and I think it would probably be the case today.

HEATHER EWART: The head of the department, Bill Farmer, was unavailable for comment on this
assessment or any other. But in the case of Vivian Solon, there are mutterings that he should
consider resignation, especially since the error was discovered back in 2003 and wasn't reported to
the top.

SENATOR NICK BOLKUS: Bill Farmer's a decent bloke, a nice bloke, but in a situation like this, the
buck's got to stop somewhere.

MARION LE: Obviously, the problem is the management problem. If there are claims that the right
hand doesn't know what the left is doing or the higher management, the minister doesn't get to hear
of something that happens lower down, then that's clearly a management issue and should be dealt
with as such.

SENATOR AMANDA VANSTONE: My job is not to be a head-hunter and a blame apportioner at this stage.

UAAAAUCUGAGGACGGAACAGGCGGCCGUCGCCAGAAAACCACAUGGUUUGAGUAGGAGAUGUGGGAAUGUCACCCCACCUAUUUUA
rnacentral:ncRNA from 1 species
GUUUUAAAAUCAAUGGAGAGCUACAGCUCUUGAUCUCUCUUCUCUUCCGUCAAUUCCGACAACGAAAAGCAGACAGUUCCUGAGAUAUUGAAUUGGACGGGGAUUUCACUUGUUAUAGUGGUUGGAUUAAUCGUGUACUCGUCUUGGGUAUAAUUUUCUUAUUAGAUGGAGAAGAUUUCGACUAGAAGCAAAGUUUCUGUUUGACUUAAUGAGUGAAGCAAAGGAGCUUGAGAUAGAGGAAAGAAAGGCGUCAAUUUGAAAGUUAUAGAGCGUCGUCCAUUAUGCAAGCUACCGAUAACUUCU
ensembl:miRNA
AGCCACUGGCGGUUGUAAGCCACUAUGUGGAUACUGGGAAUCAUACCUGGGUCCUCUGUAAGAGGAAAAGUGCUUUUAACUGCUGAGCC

My job is to find out what went wrong, get the facts, fix what went wrong and make sure it can't
happen again. Now that's my prime focus, whereas the prime focus I understand of the Opposition is
looking for heads to roll.

HEATHER EWART: But the government appears to looking for some solutions so that immigration
officers, especially in the area of compliance and detention, can apply a little more commonsense.

SENATOR AMANDA VANSTONE: There were certain changes made to the Migration Act, some in 1992, but
primarily in 1994, that may well have resulted in a change of culture and less flexibility being
available to departmental officers. So I just flag that I'm looking at that, that the structure of
the Act itself may need to have amendment to create more flexibility for officers that are there.

HEATHER EWART: Changes to the Act may be a first step forward, but the demands for a wider overhaul
of the Immigration Department are bound to continue.

KERRY O'BRIEN: Heather Ewart with that report featuring an unusually cautious Amanda.